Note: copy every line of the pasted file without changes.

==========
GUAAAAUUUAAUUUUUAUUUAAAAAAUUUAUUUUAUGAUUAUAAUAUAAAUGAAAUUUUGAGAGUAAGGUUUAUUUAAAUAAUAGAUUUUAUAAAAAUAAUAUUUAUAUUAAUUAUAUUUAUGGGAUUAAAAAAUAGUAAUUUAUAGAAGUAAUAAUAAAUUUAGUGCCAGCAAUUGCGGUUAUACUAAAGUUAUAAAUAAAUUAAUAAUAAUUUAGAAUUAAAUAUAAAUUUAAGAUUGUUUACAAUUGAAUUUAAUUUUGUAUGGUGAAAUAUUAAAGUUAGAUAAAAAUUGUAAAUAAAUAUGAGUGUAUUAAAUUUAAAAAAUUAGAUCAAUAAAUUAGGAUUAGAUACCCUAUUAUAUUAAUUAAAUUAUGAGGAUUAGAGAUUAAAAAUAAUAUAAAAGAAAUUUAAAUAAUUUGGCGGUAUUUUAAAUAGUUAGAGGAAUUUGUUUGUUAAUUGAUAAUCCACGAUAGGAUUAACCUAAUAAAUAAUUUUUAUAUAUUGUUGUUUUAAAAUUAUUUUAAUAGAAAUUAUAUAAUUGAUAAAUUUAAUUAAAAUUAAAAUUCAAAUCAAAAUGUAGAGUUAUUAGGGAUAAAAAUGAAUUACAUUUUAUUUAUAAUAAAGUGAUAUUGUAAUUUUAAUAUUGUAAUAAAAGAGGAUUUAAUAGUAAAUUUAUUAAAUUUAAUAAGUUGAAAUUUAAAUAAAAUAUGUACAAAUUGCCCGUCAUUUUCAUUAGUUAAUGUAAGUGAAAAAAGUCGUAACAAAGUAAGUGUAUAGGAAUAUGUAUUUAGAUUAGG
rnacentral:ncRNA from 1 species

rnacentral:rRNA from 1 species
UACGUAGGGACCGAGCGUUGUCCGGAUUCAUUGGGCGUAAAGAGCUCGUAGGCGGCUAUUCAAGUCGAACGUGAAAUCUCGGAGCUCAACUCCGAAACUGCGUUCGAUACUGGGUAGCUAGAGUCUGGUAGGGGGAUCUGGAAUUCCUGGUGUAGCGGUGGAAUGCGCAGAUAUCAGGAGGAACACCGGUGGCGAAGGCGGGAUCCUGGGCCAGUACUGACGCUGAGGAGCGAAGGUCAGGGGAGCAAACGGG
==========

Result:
GUAAAAUUUAAUUUUUAUUUAAAAAAUUUAUUUUAUGAUUAUAAUAUAAAUGAAAUUUUGAGAGUAAGGUUUAUUUAAAUAAUAGAUUUUAUAAAAAUAAUAUUUAUAUUAAUUAUAUUUAUGGGAUUAAAAAAUAGUAAUUUAUAGAAGUAAUAAUAAAUUUAGUGCCAGCAAUUGCGGUUAUACUAAAGUUAUAAAUAAAUUAAUAAUAAUUUAGAAUUAAAUAUAAAUUUAAGAUUGUUUACAAUUGAAUUUAAUUUUGUAUGGUGAAAUAUUAAAGUUAGAUAAAAAUUGUAAAUAAAUAUGAGUGUAUUAAAUUUAAAAAAUUAGAUCAAUAAAUUAGGAUUAGAUACCCUAUUAUAUUAAUUAAAUUAUGAGGAUUAGAGAUUAAAAAUAAUAUAAAAGAAAUUUAAAUAAUUUGGCGGUAUUUUAAAUAGUUAGAGGAAUUUGUUUGUUAAUUGAUAAUCCACGAUAGGAUUAACCUAAUAAAUAAUUUUUAUAUAUUGUUGUUUUAAAAUUAUUUUAAUAGAAAUUAUAUAAUUGAUAAAUUUAAUUAAAAUUAAAAUUCAAAUCAAAAUGUAGAGUUAUUAGGGAUAAAAAUGAAUUACAUUUUAUUUAUAAUAAAGUGAUAUUGUAAUUUUAAUAUUGUAAUAAAAGAGGAUUUAAUAGUAAAUUUAUUAAAUUUAAUAAGUUGAAAUUUAAAUAAAAUAUGUACAAAUUGCCCGUCAUUUUCAUUAGUUAAUGUAAGUGAAAAAAGUCGUAACAAAGUAAGUGUAUAGGAAUAUGUAUUUAGAUUAGG
rnacentral:ncRNA from 1 species

rnacentral:rRNA from 1 species
UACGUAGGGACCGAGCGUUGUCCGGAUUCAUUGGGCGUAAAGAGCUCGUAGGCGGCUAUUCAAGUCGAACGUGAAAUCUCGGAGCUCAACUCCGAAACUGCGUUCGAUACUGGGUAGCUAGAGUCUGGUAGGGGGAUCUGGAAUUCCUGGUGUAGCGGUGGAAUGCGCAGAUAUCAGGAGGAACACCGGUGGCGAAGGCGGGAUCCUGGGCCAGUACUGACGCUGAGGAGCGAAGGUCAGGGGAGCAAACGGG